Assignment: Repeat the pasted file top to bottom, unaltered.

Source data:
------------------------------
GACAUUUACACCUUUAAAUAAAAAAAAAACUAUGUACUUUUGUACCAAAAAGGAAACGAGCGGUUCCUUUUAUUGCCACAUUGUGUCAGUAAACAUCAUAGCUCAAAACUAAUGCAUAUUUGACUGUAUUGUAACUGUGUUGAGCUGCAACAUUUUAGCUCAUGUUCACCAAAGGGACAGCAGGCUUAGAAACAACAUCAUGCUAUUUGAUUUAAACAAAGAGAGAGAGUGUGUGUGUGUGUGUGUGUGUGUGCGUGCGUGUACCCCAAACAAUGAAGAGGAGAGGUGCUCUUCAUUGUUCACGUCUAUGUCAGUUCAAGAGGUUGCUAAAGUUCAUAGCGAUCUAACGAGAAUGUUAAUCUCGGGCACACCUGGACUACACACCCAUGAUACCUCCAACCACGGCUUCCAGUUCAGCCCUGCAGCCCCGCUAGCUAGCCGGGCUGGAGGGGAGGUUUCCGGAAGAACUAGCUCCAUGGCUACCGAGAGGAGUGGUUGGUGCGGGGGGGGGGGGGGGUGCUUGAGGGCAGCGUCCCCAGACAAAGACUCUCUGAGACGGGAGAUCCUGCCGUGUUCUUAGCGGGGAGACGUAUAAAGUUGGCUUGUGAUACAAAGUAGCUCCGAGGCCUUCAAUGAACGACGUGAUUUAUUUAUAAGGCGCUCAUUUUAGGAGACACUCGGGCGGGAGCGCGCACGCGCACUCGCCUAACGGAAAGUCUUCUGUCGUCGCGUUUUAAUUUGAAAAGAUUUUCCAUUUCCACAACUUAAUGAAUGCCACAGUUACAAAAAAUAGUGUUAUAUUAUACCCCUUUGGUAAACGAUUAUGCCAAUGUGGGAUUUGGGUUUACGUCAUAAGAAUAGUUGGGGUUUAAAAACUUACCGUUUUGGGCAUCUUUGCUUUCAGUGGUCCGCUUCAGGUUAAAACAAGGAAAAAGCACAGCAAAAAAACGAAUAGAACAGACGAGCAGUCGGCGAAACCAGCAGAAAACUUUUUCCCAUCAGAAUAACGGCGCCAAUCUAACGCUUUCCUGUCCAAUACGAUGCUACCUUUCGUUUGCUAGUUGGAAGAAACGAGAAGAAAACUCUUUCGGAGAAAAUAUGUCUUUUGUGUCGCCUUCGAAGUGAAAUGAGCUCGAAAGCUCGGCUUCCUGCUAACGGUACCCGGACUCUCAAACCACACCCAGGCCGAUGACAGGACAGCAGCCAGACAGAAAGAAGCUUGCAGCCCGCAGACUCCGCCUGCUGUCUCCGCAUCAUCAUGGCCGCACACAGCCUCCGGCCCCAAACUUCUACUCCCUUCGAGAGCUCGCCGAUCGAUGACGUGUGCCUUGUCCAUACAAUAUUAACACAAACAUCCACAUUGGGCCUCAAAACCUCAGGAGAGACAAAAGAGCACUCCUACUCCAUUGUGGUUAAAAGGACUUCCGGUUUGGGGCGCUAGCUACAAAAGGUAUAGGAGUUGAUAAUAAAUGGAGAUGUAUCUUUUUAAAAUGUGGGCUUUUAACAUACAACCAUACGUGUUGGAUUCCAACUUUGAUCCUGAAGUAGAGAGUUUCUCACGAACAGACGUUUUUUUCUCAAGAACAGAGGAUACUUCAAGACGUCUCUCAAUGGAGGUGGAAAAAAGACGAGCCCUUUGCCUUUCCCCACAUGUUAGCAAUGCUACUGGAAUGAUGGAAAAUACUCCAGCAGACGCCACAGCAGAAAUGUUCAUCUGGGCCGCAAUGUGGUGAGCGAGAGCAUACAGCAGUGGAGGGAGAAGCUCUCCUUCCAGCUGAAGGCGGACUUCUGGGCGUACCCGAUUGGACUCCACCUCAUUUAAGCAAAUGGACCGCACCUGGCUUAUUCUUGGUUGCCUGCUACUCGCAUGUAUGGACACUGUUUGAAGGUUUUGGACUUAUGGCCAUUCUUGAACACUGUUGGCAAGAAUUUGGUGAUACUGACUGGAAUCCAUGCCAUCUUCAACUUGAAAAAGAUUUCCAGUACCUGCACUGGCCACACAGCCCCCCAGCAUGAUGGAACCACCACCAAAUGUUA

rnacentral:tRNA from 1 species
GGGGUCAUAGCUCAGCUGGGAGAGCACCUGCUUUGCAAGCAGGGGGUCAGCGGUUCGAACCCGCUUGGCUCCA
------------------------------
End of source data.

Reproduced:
GACAUUUACACCUUUAAAUAAAAAAAAAACUAUGUACUUUUGUACCAAAAAGGAAACGAGCGGUUCCUUUUAUUGCCACAUUGUGUCAGUAAACAUCAUAGCUCAAAACUAAUGCAUAUUUGACUGUAUUGUAACUGUGUUGAGCUGCAACAUUUUAGCUCAUGUUCACCAAAGGGACAGCAGGCUUAGAAACAACAUCAUGCUAUUUGAUUUAAACAAAGAGAGAGAGUGUGUGUGUGUGUGUGUGUGUGUGCGUGCGUGUACCCCAAACAAUGAAGAGGAGAGGUGCUCUUCAUUGUUCACGUCUAUGUCAGUUCAAGAGGUUGCUAAAGUUCAUAGCGAUCUAACGAGAAUGUUAAUCUCGGGCACACCUGGACUACACACCCAUGAUACCUCCAACCACGGCUUCCAGUUCAGCCCUGCAGCCCCGCUAGCUAGCCGGGCUGGAGGGGAGGUUUCCGGAAGAACUAGCUCCAUGGCUACCGAGAGGAGUGGUUGGUGCGGGGGGGGGGGGGGGUGCUUGAGGGCAGCGUCCCCAGACAAAGACUCUCUGAGACGGGAGAUCCUGCCGUGUUCUUAGCGGGGAGACGUAUAAAGUUGGCUUGUGAUACAAAGUAGCUCCGAGGCCUUCAAUGAACGACGUGAUUUAUUUAUAAGGCGCUCAUUUUAGGAGACACUCGGGCGGGAGCGCGCACGCGCACUCGCCUAACGGAAAGUCUUCUGUCGUCGCGUUUUAAUUUGAAAAGAUUUUCCAUUUCCACAACUUAAUGAAUGCCACAGUUACAAAAAAUAGUGUUAUAUUAUACCCCUUUGGUAAACGAUUAUGCCAAUGUGGGAUUUGGGUUUACGUCAUAAGAAUAGUUGGGGUUUAAAAACUUACCGUUUUGGGCAUCUUUGCUUUCAGUGGUCCGCUUCAGGUUAAAACAAGGAAAAAGCACAGCAAAAAAACGAAUAGAACAGACGAGCAGUCGGCGAAACCAGCAGAAAACUUUUUCCCAUCAGAAUAACGGCGCCAAUCUAACGCUUUCCUGUCCAAUACGAUGCUACCUUUCGUUUGCUAGUUGGAAGAAACGAGAAGAAAACUCUUUCGGAGAAAAUAUGUCUUUUGUGUCGCCUUCGAAGUGAAAUGAGCUCGAAAGCUCGGCUUCCUGCUAACGGUACCCGGACUCUCAAACCACACCCAGGCCGAUGACAGGACAGCAGCCAGACAGAAAGAAGCUUGCAGCCCGCAGACUCCGCCUGCUGUCUCCGCAUCAUCAUGGCCGCACACAGCCUCCGGCCCCAAACUUCUACUCCCUUCGAGAGCUCGCCGAUCGAUGACGUGUGCCUUGUCCAUACAAUAUUAACACAAACAUCCACAUUGGGCCUCAAAACCUCAGGAGAGACAAAAGAGCACUCCUACUCCAUUGUGGUUAAAAGGACUUCCGGUUUGGGGCGCUAGCUACAAAAGGUAUAGGAGUUGAUAAUAAAUGGAGAUGUAUCUUUUUAAAAUGUGGGCUUUUAACAUACAACCAUACGUGUUGGAUUCCAACUUUGAUCCUGAAGUAGAGAGUUUCUCACGAACAGACGUUUUUUUCUCAAGAACAGAGGAUACUUCAAGACGUCUCUCAAUGGAGGUGGAAAAAAGACGAGCCCUUUGCCUUUCCCCACAUGUUAGCAAUGCUACUGGAAUGAUGGAAAAUACUCCAGCAGACGCCACAGCAGAAAUGUUCAUCUGGGCCGCAAUGUGGUGAGCGAGAGCAUACAGCAGUGGAGGGAGAAGCUCUCCUUCCAGCUGAAGGCGGACUUCUGGGCGUACCCGAUUGGACUCCACCUCAUUUAAGCAAAUGGACCGCACCUGGCUUAUUCUUGGUUGCCUGCUACUCGCAUGUAUGGACACUGUUUGAAGGUUUUGGACUUAUGGCCAUUCUUGAACACUGUUGGCAAGAAUUUGGUGAUACUGACUGGAAUCCAUGCCAUCUUCAACUUGAAAAAGAUUUCCAGUACCUGCACUGGCCACACAGCCCCCCAGCAUGAUGGAACCACCACCAAAUGUUA

rnacentral:tRNA from 1 species
GGGGUCAUAGCUCAGCUGGGAGAGCACCUGCUUUGCAAGCAGGGGGUCAGCGGUUCGAACCCGCUUGGCUCCA